COVID-19-related election changes could become permanent in Maine

Officials are considering whether some of the COVID-19-related changes made to voting in Maine should be made permanent.Maine had record voter turnout, with three-quarters of eligible voters casting a ballot. Because of the pandemic, about 63% of votes were cast absentee.One of the big reasons election officials across Maine were able to report results so quickly was the early processing of absentee ballots.Gov. Janet Mills issued an executive order that allowed clerks to begin processing absentee ballots a week before the election, instead of the typical four days.”That was a big help, and I hope it sticks,” Biddeford City Clerk Carmen Morris said.Morris said that gave them more time to call voters who forgot to sign their envelope.”It’s advantageous to us. Then we don’t feel like we’re cramming so much stuff in like two or three days,” Morris said.So few absentee ballots in Biddeford were rejected that they fit in a lock box the size of a shoe box. Fewer than 1% of absentee ballots were rejected statewide.Election officials said few Mainers missed the deadline to return their ballots because dozens of towns set up drop boxes.Secretary of State Matt Dunlap used federal coronavirus aid funds to pay for 80% of the cost for the drop boxes.”I suspect we’re going to see drop boxes around into the future, simply because people like it,” Dunlap said.Dunlap believes, to become permanent, the changes for the November election need to be enshrined into law.Biddeford Rep. Ryan Fecteau said he would include keeping the secretary of state’s online absentee ballot tracker.”Clearly, there’s ways in which we can make our elections more accessible to people and also give people the confidence that their vote counted,” Fecteau said.With early processing, Portland and Lewiston ran through all the absentee ballots received by the Sunday before Election Day.”Folks are, I know, upset or angry with what they’re seeing across the country, with Pennsylvania and Arizona and other states, but the reality is their states didn’t allow them to process ballots sooner,” Fecteau said.Fecteau is one of two Democrats running for speaker of the House. His rival, Seth Berry, also supports making the election changes permanent.Senate President Troy Jackson said, “these ideas are definitely work exploring.”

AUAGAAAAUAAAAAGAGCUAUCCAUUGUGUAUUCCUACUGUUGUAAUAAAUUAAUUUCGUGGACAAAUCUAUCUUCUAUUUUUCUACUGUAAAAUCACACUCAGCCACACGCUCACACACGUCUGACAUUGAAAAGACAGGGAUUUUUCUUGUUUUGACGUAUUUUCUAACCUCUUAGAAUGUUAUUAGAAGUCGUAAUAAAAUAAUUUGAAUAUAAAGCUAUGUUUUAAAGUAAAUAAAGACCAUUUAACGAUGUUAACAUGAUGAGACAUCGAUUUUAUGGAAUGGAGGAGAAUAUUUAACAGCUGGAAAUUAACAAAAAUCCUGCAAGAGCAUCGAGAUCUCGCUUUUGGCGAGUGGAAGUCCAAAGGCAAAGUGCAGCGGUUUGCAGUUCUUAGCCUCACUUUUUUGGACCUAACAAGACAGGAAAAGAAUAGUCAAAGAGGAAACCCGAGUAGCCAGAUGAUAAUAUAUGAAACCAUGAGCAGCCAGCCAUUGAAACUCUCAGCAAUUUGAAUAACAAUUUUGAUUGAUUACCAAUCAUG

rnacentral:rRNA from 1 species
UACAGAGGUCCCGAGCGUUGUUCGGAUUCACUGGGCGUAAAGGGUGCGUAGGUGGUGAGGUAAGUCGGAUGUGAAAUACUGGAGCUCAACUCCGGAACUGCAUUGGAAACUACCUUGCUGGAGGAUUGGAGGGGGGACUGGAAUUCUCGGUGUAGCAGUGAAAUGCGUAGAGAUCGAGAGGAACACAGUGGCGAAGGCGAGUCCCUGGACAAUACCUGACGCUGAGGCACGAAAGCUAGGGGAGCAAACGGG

Officials are considering whether some of the COVID-19-related changes made to voting in Maine should be made permanent.

Maine had record voter turnout, with three-quarters of eligible voters casting a ballot. Because of the pandemic, about 63% of votes were cast absentee.

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One of the big reasons election officials across Maine were able to report results so quickly was the early processing of absentee ballots.

Gov. Janet Mills issued an executive order that allowed clerks to begin processing absentee ballots a week before the election, instead of the typical four days.

“That was a big help, and I hope it sticks,” Biddeford City Clerk Carmen Morris said.

Morris said that gave them more time to call voters who forgot to sign their envelope.

“It’s advantageous to us. Then we don’t feel like we’re cramming so much stuff in like two or three days,” Morris said.

So few absentee ballots in Biddeford were rejected that they fit in a lock box the size of a shoe box. Fewer than 1% of absentee ballots were rejected statewide.

Election officials said few Mainers missed the deadline to return their ballots because dozens of towns set up drop boxes.

Secretary of State Matt Dunlap used federal coronavirus aid funds to pay for 80% of the cost for the drop boxes.

“I suspect we’re going to see drop boxes around into the future, simply because people like it,” Dunlap said.

Dunlap believes, to become permanent, the changes for the November election need to be enshrined into law.

Biddeford Rep. Ryan Fecteau said he would include keeping the secretary of state’s online absentee ballot tracker.

“Clearly, there’s ways in which we can make our elections more accessible to people and also give people the confidence that their vote counted,” Fecteau said.

With early processing, Portland and Lewiston ran through all the absentee ballots received by the Sunday before Election Day.

“Folks are, I know, upset or angry with what they’re seeing across the country, with Pennsylvania and Arizona and other states, but the reality is their states didn’t allow them to process ballots sooner,” Fecteau said.

Fecteau is one of two Democrats running for speaker of the House. His rival, Seth Berry, also supports making the election changes permanent.

Senate President Troy Jackson said, “these ideas are definitely work exploring.”